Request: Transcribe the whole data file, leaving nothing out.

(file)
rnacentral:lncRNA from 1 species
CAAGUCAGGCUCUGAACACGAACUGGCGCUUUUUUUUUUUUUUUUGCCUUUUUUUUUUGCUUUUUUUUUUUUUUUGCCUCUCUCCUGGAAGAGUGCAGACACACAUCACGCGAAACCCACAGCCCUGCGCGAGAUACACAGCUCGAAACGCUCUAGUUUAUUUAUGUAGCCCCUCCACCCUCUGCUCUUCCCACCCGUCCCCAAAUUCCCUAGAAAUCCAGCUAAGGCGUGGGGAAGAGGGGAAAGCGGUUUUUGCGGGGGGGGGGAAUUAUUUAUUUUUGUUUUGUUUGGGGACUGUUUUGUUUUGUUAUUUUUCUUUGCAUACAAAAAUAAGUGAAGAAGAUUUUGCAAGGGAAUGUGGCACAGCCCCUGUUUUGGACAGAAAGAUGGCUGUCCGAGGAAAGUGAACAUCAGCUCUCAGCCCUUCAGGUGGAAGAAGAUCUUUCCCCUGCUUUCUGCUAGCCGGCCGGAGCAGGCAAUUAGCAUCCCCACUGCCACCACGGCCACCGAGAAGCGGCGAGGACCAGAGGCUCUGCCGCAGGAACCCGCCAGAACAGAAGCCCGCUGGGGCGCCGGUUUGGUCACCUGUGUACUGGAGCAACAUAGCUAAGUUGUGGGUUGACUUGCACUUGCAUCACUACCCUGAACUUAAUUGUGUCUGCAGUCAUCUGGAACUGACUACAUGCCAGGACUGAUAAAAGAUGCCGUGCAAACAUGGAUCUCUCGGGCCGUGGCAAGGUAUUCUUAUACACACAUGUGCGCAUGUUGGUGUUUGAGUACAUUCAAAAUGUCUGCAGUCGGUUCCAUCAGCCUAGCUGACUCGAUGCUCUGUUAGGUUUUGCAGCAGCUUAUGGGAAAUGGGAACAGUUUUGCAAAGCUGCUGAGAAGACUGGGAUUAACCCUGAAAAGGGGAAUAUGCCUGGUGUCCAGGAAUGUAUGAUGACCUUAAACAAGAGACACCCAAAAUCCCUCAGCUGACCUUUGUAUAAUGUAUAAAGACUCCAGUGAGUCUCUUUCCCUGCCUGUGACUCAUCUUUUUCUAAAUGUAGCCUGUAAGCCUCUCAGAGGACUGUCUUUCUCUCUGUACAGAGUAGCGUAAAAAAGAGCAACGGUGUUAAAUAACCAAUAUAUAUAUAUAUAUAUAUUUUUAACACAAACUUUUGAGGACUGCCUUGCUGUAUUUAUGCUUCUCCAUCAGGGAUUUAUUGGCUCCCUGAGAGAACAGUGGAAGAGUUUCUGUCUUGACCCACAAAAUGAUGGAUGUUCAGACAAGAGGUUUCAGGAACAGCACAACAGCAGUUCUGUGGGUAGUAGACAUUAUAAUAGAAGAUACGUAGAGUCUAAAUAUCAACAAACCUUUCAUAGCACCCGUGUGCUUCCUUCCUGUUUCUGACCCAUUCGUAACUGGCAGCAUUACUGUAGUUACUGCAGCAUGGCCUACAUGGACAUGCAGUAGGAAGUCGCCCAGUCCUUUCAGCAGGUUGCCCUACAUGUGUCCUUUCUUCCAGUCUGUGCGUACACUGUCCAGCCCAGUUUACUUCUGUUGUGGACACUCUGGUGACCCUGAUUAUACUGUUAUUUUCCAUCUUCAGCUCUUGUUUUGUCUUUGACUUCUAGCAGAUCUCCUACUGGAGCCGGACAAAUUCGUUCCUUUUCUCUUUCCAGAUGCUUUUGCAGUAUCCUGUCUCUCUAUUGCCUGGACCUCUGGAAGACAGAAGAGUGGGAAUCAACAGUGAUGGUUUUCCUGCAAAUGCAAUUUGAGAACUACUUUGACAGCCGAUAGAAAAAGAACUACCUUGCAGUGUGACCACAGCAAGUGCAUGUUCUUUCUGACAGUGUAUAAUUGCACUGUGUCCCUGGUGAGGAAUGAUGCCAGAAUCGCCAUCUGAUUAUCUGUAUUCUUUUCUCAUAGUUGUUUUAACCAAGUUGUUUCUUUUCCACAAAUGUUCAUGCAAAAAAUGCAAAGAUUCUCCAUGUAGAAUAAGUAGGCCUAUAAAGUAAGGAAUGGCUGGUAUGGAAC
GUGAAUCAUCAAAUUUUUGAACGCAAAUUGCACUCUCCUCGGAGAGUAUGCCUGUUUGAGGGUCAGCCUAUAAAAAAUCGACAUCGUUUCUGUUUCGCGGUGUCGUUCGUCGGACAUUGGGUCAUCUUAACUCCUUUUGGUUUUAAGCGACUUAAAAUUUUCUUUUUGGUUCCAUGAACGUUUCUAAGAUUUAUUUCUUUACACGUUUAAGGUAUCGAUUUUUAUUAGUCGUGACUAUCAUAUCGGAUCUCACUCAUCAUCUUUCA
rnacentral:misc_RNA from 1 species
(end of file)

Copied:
rnacentral:lncRNA from 1 species
CAAGUCAGGCUCUGAACACGAACUGGCGCUUUUUUUUUUUUUUUUGCCUUUUUUUUUUGCUUUUUUUUUUUUUUUGCCUCUCUCCUGGAAGAGUGCAGACACACAUCACGCGAAACCCACAGCCCUGCGCGAGAUACACAGCUCGAAACGCUCUAGUUUAUUUAUGUAGCCCCUCCACCCUCUGCUCUUCCCACCCGUCCCCAAAUUCCCUAGAAAUCCAGCUAAGGCGUGGGGAAGAGGGGAAAGCGGUUUUUGCGGGGGGGGGGAAUUAUUUAUUUUUGUUUUGUUUGGGGACUGUUUUGUUUUGUUAUUUUUCUUUGCAUACAAAAAUAAGUGAAGAAGAUUUUGCAAGGGAAUGUGGCACAGCCCCUGUUUUGGACAGAAAGAUGGCUGUCCGAGGAAAGUGAACAUCAGCUCUCAGCCCUUCAGGUGGAAGAAGAUCUUUCCCCUGCUUUCUGCUAGCCGGCCGGAGCAGGCAAUUAGCAUCCCCACUGCCACCACGGCCACCGAGAAGCGGCGAGGACCAGAGGCUCUGCCGCAGGAACCCGCCAGAACAGAAGCCCGCUGGGGCGCCGGUUUGGUCACCUGUGUACUGGAGCAACAUAGCUAAGUUGUGGGUUGACUUGCACUUGCAUCACUACCCUGAACUUAAUUGUGUCUGCAGUCAUCUGGAACUGACUACAUGCCAGGACUGAUAAAAGAUGCCGUGCAAACAUGGAUCUCUCGGGCCGUGGCAAGGUAUUCUUAUACACACAUGUGCGCAUGUUGGUGUUUGAGUACAUUCAAAAUGUCUGCAGUCGGUUCCAUCAGCCUAGCUGACUCGAUGCUCUGUUAGGUUUUGCAGCAGCUUAUGGGAAAUGGGAACAGUUUUGCAAAGCUGCUGAGAAGACUGGGAUUAACCCUGAAAAGGGGAAUAUGCCUGGUGUCCAGGAAUGUAUGAUGACCUUAAACAAGAGACACCCAAAAUCCCUCAGCUGACCUUUGUAUAAUGUAUAAAGACUCCAGUGAGUCUCUUUCCCUGCCUGUGACUCAUCUUUUUCUAAAUGUAGCCUGUAAGCCUCUCAGAGGACUGUCUUUCUCUCUGUACAGAGUAGCGUAAAAAAGAGCAACGGUGUUAAAUAACCAAUAUAUAUAUAUAUAUAUAUUUUUAACACAAACUUUUGAGGACUGCCUUGCUGUAUUUAUGCUUCUCCAUCAGGGAUUUAUUGGCUCCCUGAGAGAACAGUGGAAGAGUUUCUGUCUUGACCCACAAAAUGAUGGAUGUUCAGACAAGAGGUUUCAGGAACAGCACAACAGCAGUUCUGUGGGUAGUAGACAUUAUAAUAGAAGAUACGUAGAGUCUAAAUAUCAACAAACCUUUCAUAGCACCCGUGUGCUUCCUUCCUGUUUCUGACCCAUUCGUAACUGGCAGCAUUACUGUAGUUACUGCAGCAUGGCCUACAUGGACAUGCAGUAGGAAGUCGCCCAGUCCUUUCAGCAGGUUGCCCUACAUGUGUCCUUUCUUCCAGUCUGUGCGUACACUGUCCAGCCCAGUUUACUUCUGUUGUGGACACUCUGGUGACCCUGAUUAUACUGUUAUUUUCCAUCUUCAGCUCUUGUUUUGUCUUUGACUUCUAGCAGAUCUCCUACUGGAGCCGGACAAAUUCGUUCCUUUUCUCUUUCCAGAUGCUUUUGCAGUAUCCUGUCUCUCUAUUGCCUGGACCUCUGGAAGACAGAAGAGUGGGAAUCAACAGUGAUGGUUUUCCUGCAAAUGCAAUUUGAGAACUACUUUGACAGCCGAUAGAAAAAGAACUACCUUGCAGUGUGACCACAGCAAGUGCAUGUUCUUUCUGACAGUGUAUAAUUGCACUGUGUCCCUGGUGAGGAAUGAUGCCAGAAUCGCCAUCUGAUUAUCUGUAUUCUUUUCUCAUAGUUGUUUUAACCAAGUUGUUUCUUUUCCACAAAUGUUCAUGCAAAAAAUGCAAAGAUUCUCCAUGUAGAAUAAGUAGGCCUAUAAAGUAAGGAAUGGCUGGUAUGGAAC
GUGAAUCAUCAAAUUUUUGAACGCAAAUUGCACUCUCCUCGGAGAGUAUGCCUGUUUGAGGGUCAGCCUAUAAAAAAUCGACAUCGUUUCUGUUUCGCGGUGUCGUUCGUCGGACAUUGGGUCAUCUUAACUCCUUUUGGUUUUAAGCGACUUAAAAUUUUCUUUUUGGUUCCAUGAACGUUUCUAAGAUUUAUUUCUUUACACGUUUAAGGUAUCGAUUUUUAUUAGUCGUGACUAUCAUAUCGGAUCUCACUCAUCAUCUUUCA
rnacentral:misc_RNA from 1 species